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DoD Helps Noncitizen Service Members Become Full-Fledged Americans

By Sgt. 1st Class Doug Sample, USA
American Forces Press Service

WASHINGTON, Jan. 16, 2003 – In a special ceremony on the deck of the aircraft carrier USS Constellation last August, 170 soldiers, sailors, airmen and Marines swore an oath of allegiance to the United States. The same month in Kandahar, Afghanistan, four dozen more service members did the same. All became American citizens.

Those are scenes that have been repeated throughout the services in the past year. Hundreds of non-U.S. citizen service personnel have taken advantage of Executive Order 329 and are becoming full-fledged Americans.

Signed by President Bush last July, the order expedites the citizenship process for those serving in the war on terrorism. Since then, the Defense Department has been following up on that executive order by assisting noncitizen members with everything from filing Immigration and Naturalization Service forms to following up on their applications. Bush's order affects an estimated 18,000 men and women in uniform, officials said.

Prior to the executive order, applicants had to have three years of qualifying military service. This was also a special exception -- civilian applicants have to wait five years.

According to Brad Loo, DoD deputy director, Office of Officer and Enlisted Personnel Management, a service member now needs only one day of honorable active-duty federal service on or since Sept. 11, 2001, to qualify for citizenship under the military-facilitated program.

To apply, noncitizen service members must file INS Form N-426, which verifies dates of military and honorable service; and INS Form G-325B, which requires biographical information, fingerprinting and a photograph.

Loo said that under a 2000 DoD-INS memorandum of understanding, the two agencies work together to assist noncitizen military members with their citizenship process.

That's good news, Navy personnel clerk Petty Officer 2nd Class Carlos Granthon will attest. A native of Peru, he became a naturalized U.S. citizen five years ago. The process was long, tedious work, he said, and he had to do it alone because no one aboard his ship knew how.

"The wait was the hard part, not knowing if they (INS) received your information at all, waiting for an answer, not knowing who or where to call. There was no communication," Granthon said. "If there is a better system, then this is good."

Loo feels that recent changes in the way the DoD and INS handle noncitizenship applications will be good for service members. DoD now provides the "necessary interface" between the services and the immigration service, he noted.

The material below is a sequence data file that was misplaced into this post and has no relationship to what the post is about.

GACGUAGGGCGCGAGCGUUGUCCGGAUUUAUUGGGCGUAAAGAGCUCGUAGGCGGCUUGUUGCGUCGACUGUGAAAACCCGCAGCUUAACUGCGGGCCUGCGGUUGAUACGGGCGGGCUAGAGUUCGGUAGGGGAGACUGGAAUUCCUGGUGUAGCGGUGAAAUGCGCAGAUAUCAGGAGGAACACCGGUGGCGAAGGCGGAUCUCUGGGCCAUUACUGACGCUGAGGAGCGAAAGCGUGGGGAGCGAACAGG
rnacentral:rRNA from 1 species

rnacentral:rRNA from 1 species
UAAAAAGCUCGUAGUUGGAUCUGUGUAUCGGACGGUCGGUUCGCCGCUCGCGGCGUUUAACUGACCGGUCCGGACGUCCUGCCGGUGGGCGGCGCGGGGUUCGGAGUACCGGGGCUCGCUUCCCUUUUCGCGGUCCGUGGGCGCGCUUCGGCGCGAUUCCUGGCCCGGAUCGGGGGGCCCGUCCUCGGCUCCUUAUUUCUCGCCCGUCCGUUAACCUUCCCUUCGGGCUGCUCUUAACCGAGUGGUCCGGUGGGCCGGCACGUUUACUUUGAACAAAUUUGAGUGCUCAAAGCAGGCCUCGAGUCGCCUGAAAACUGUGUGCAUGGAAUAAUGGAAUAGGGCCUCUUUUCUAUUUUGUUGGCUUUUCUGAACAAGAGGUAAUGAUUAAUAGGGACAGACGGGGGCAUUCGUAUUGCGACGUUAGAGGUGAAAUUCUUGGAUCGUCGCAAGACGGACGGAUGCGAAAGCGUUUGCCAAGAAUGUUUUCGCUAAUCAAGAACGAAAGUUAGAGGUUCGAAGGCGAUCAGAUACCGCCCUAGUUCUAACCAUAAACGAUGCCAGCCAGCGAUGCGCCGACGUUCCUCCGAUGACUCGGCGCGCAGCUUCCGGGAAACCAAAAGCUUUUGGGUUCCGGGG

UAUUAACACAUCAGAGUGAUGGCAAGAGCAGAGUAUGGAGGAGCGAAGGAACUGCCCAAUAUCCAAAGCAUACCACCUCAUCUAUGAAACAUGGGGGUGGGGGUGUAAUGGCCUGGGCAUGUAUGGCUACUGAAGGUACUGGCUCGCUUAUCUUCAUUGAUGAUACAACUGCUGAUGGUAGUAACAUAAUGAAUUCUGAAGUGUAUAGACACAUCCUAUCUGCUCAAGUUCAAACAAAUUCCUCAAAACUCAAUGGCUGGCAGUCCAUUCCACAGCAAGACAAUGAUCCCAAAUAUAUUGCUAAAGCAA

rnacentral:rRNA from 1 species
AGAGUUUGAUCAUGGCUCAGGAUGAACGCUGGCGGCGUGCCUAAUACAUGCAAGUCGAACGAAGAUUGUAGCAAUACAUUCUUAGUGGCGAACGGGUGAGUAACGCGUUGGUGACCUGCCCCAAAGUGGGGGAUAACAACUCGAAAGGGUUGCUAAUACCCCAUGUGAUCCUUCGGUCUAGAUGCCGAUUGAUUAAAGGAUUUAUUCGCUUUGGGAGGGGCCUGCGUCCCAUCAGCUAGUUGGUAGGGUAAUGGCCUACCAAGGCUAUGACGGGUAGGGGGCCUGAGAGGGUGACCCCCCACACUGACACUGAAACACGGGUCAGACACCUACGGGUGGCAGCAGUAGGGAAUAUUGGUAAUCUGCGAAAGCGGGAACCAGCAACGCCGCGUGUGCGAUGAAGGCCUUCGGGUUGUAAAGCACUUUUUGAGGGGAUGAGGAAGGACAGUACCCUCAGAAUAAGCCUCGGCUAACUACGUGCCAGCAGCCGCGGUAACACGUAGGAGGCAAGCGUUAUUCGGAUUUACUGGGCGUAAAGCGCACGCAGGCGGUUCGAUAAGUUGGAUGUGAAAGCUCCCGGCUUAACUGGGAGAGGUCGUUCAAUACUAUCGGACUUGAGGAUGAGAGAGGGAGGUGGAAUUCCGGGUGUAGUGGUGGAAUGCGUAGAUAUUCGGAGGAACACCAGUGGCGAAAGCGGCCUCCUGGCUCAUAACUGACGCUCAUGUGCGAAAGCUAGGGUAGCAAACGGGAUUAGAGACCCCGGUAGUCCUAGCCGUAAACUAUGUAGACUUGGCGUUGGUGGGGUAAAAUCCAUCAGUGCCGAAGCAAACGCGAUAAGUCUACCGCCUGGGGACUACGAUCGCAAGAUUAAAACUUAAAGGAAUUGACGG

"Each service has established assistance centers and offices that have trained personnel assigned to help qualified service members with the citizenship application process," he said. "This will not only ensure a quality control check is done on the application, but also, it ensures the application gets sent to the INS facility designated to process military applications."

The INS has established a central office in Lincoln, Neb., to process military members' applications and dedicated a point of contact to discuss issues regarding specific applications with a single representative from each of the services.

Chris Rydelek, head of the legal assistance branch at Marine Corps Headquarters here, calls the assistance "extremely successful." The DoD-INS partnership has cut application processing time from two years down to about six months, he estimated.

"I would say this represents a substantial improvement, a fresh approach," Rydelek said. "In the past it was a disjointed process at best." He said applications were often incomplete and were sent back and forth between various government offices.

"Now DoD provides the oversight to ensure the INS gets a complete application along with all the proper documentation needed and all of this information is sent to a central location," he said.

Loo said the president's action and Defense Department's initiative not only serve noncitizen service members, but also recognize their contributions to the military and the nation.

"Noncitizen soldiers, especially during a time of conflict or war, have demonstrated a willingness to defend this country, with their lives if need be," Loo explained. "Congress by law and the president by his executive order have recognized that these people have earned a special consideration of their requests for citizenship."

He also noted that service members who fail to renew their permanent resident alien card, or who lose permanent resident status for some reason, will not be punished under INS rules. "The president's executive order forgives this error," Loo said.

He said DoD benefits from noncitizen service members because many speak a native language other than English and constitute a source of linguists who will not require extensive language training.

"The sooner they become citizens, the sooner the military can use these linguists, particularly in specialties requiring a security clearance, if they are otherwise qualified for a clearance, " he said.

The Defense Department has no formal measure of the program's success, but the number of applications has increased, and this is a clear indication that the word has gotten out," Loo said.

He said the services have Web sites that detail the citizenship application process. For more information and guidance, visit the following sites:

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